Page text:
The Novartis generics business, Sandoz, launched its recombinant human growth hormone somatropin, Somatropin BS S.C., in Japan. The company says the drug is the first ever biosimilar to be approved and launched in that country, which represents the world’s second largest pharma market.
Japan’s regulatory authorities approved the drug in June for the treatment of growth hormone deficiency in children and growth disturbance associated with Turner’s syndrome or chronic renal insufficiency. These indications are the same as for Pfizer’s Genotropin(R), which represents the reference product for Sandoz’ somatropin. Genotropin itself was only approved in Japan during December 2008 for the treatment of short stature/growth problems.
Sandoz’ somatropin biosimilar was first given the go-ahed in Europe and the U.S. in 2006, where it is marketed as Omnitrope®. It represented the first biosimilar product to be approved in both these markets. Omnitrope was also sanctioned in Canada earlied this year. Sandoz now has three biosimilars in Europe: Omnitrope, Binocrit (epoetin alfa; reference products: Amgen's Epogen and Ortho Biotech's Procrit, both indicated for Anemia), and Zarzio (filgrastim; reference product: Amgen's Neupogen for the treatment of neutropenia in certain cancer patients).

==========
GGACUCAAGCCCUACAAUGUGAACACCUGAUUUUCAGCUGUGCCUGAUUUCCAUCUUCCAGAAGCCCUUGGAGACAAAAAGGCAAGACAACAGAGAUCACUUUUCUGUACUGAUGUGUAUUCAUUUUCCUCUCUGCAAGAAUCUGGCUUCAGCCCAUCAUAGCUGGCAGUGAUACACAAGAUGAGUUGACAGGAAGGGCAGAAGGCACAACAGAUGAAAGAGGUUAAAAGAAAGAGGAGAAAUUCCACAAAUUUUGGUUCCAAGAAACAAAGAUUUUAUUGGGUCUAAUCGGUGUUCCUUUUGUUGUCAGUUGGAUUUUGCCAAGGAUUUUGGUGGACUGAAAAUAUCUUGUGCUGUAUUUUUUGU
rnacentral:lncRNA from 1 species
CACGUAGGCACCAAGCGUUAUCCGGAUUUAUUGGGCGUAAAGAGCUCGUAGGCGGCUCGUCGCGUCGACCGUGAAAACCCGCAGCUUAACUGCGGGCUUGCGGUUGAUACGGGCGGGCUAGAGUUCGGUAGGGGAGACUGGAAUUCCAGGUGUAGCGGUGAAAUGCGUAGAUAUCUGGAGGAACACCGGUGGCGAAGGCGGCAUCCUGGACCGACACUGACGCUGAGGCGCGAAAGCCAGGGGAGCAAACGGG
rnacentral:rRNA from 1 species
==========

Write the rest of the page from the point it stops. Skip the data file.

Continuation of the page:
In August FDA green-lighted Sandoz' generic copy of Astellas' transplant rejection therapy, Prograf (tacrolimus). At the time Astellas said that it would file a complaint challenging the agency's decision to apply only standard bioequivalence testing for the approval of this drug and other generics of tacrolimus. The FDA previously rejected the firm's citizen petition asking for such studies.